This bracing movie, about a group of brilliant African-American women whose scientific and mathematical skills helped Nasa launch its space exploration programme in the 1950s and 60s, gets off to a spirited start, sharing with viewers a little-known chapter of history as inspiring as it is intriguing.
After a brief prologue, when we meet Katherine Johnson as a teenage maths prodigy, the film catches up with her in 1961, when she’s a young widow working at Nasa’s Langley facility in Virginia, as a “computer”, sharing a ride to work with her colleagues Dorothy Vaughan and Mary Jackson.
The fact that these gifted women are played by the equally gifted Taraji P Henson, Octavia Spencer and Janelle Monáe, respectively, says all you need to know about a movie propelled by their salty and affecting performances. Far from a dry scientific tutorial or historical treatise, Hidden Figures is a warm, lively, often funny depiction of women whose brains and work ethics were indefatigable, even in the face of racism and sexism.
Adapted by Theodore Melfi and Allison Schroeder from Margot Lee Shetterly’s book and directed by Melfi, Hidden Figures takes place at the height of the space race in the early 1960s, when the Soviets are winning the competition to get a manned mission into orbit, and when the pressure is on to get astronaut John Glenn (Glen Powell) and his colleagues in the Mercury programme into their own supercharged tin cans. Although Nasa is strictly segregated, Katherine is the most gifted computer on the site.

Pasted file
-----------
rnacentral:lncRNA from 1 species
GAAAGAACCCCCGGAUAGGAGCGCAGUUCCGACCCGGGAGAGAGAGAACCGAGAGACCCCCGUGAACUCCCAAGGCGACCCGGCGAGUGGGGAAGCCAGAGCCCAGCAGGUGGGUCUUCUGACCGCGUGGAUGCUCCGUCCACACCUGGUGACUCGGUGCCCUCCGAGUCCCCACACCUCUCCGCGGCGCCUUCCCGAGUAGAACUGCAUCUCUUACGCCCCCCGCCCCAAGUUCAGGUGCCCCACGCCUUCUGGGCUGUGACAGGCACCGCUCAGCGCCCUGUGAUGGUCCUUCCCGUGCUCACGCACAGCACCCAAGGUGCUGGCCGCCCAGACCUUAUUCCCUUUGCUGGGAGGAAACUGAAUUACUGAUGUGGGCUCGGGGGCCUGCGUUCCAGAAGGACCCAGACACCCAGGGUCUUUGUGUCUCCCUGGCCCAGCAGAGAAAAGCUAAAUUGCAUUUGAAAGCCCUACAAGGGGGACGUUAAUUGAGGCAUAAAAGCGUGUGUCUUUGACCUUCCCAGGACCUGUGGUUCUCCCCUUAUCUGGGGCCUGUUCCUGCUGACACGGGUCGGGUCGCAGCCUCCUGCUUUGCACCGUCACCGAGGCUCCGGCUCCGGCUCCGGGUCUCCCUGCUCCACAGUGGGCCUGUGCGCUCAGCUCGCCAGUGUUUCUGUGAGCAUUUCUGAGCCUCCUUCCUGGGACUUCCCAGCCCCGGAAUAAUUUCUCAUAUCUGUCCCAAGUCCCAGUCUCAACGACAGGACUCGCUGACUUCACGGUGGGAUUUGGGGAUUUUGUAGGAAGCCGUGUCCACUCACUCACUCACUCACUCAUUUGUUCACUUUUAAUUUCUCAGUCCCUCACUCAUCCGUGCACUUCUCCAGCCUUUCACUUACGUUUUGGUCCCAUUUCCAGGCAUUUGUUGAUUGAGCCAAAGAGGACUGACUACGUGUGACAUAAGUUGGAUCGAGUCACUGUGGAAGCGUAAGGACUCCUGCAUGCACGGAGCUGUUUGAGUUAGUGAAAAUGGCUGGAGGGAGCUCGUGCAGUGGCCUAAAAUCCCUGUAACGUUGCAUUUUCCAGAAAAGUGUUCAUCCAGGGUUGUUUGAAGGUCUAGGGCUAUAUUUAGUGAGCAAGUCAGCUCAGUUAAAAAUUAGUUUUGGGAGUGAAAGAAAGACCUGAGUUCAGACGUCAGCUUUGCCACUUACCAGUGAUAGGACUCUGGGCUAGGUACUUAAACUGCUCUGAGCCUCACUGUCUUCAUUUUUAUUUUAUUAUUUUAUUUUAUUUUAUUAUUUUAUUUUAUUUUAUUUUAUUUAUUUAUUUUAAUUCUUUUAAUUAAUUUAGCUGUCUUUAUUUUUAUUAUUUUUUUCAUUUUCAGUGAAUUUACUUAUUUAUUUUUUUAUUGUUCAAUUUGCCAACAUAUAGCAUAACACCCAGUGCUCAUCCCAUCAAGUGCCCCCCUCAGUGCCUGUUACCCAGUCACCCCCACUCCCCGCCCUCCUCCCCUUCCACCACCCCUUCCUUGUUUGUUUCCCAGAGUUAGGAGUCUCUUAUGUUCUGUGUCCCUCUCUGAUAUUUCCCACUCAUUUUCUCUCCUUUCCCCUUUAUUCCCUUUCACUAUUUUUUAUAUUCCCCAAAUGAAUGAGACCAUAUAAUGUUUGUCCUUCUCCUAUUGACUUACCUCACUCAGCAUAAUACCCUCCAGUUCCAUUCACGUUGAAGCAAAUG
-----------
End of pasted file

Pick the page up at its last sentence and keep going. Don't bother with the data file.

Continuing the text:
She’s sent to work with Al Harrison (Kevin Costner), who’s annoyed when she disappears frequently throughout the day but is impressed by her impeccable results.
It turns out she’s running a mile-and-a-half to use the “coloured only” bathroom, a sequence played for both laughs and wincing disbelief in Hidden Figures. Just think how much has been lost, the movie suggests, over centuries of depriving ourselves of the brains, talents and leadership of more than half our population?
Those ideas weave their way gracefully through Hidden Figures, which centres mostly on Katherine, but includes effective scenes of Dorothy teaching herself to program a new piece of technology called the IBM, and Mary pursuing her engineering degree at a local all-white high school. Some of the film’s most stirring scenes feature the hackneyed conceit of clueless white folk being enlightened by their African-American educators.
If characters played by Jim Parsons and Kirsten Dunst seem too cruel to be true, they feature in some of the film’s most bluntly effective scenes. Costner is ideally suited to play Harrison, portrayed here as a man too focused and distracted to have time for petty prejudices.
Attractively shot and designed and driven along by a catchy score by Pharrell Williams (who’s also a producer), Hidden Figures is pure pleasure. Hidden Figures is out in cinemas on Friday.